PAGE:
Sunday, September 25, 2016

Opportunistic Behavior

Often times throughout my life I have encountered situations where I could have easily been opportunistic. I believe I was raised with good morals, so taking advantage of others for my gain did not seem morally correct. Taking advantage of others and being opportunistic do not sound like similar concepts however. I often identify these situations and try and make sure my actions will not negatively affect others without them knowing. A few summers ago, I experienced an instance when I could’ve been opportunistic but I passed off the opportunity to my sister.
            When I was growing up, my neighbors would have me do menial chores for them for small amounts of money. Watering flowers, walking the dog, and picking up the mail while they were on vacation were a few of these tasks. I was excited to do these jobs because the small income allowed me to fund my own indulgences as a young boy. I eventually gained a real job over the summer and earned income from that.
            A few summers ago, my neighbors came to me again to see if I would continue maintaining their house when they went away for weekends and other trips. I knew that the tasks were easy, and I would still have my other job. However, I was aware that my sister still didn’t have a job and had been asking me if she could do some of the chores for money too. I told my neighbors that I wouldn’t be able to do it, but that my sister would be more than happy to maintain their house while they were gone.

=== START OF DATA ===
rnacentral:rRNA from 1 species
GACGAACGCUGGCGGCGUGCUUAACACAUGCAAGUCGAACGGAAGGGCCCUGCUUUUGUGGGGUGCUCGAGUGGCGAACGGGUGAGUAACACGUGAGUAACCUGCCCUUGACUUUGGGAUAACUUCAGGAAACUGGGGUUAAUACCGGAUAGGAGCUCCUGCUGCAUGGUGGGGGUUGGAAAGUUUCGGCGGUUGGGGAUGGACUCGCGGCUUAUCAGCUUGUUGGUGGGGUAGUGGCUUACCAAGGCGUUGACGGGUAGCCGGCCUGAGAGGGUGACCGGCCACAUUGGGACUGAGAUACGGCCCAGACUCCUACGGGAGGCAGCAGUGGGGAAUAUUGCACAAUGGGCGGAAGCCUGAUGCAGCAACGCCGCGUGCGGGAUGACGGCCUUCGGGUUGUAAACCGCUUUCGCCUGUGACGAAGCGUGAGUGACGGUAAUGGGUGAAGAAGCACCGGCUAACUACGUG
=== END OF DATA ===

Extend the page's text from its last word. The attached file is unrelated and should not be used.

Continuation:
I think one factor that led me to not be opportunistic and take the easy job from my neighbors was that I felt greedy and almost selfish. My sister had no access to other jobs, and I already had a job. I also did not need the extra money from my neighbors. Instead of taking advantage of my experience and connections, I understood that it was now my sister’s turn to take on this opportunity. I think this idea is another factor that leads people to not be opportunistic. I was able to identify that I needed to pass on the job opportunity to my sister.
            I think this example relates to other cases where people can be opportunistic, but they choose not to out of a respect or understanding of the position that person is in. Instead of continuing to gain money from my neighbors, I gave the opportunity to my younger sister. Simple actions like this reiterate the idea of “good things come to those who wait.” After giving this opportunity to my sister, our relationship was strengthened because she understood what I had done for her. She knew that I could have continued to work for my neighbors but gave the opportunity to her instead.
            One of the most gratifying feelings is when another person passes up on an opportunity for you. This is especially true when this person is just performing a random act of kindness. Returning something that was lost or stolen is an example of a random action where someone could have been opportunistic and kept something that belonged to you. Often when these actions are in my benefit, I become more inclined to be less opportunistic in order to share the same feeling with another unsuspecting person.

             Although I encounter many situations where I can be opportunistic, I value my ability to pass the opportunity onto another person who would be even more grateful for it. The gratification of receiving a gesture is extremely satisfying, and it often leads to the creation of other opportunity’s and stronger relationships.

Sunday, September 11, 2016

Experience in Organizations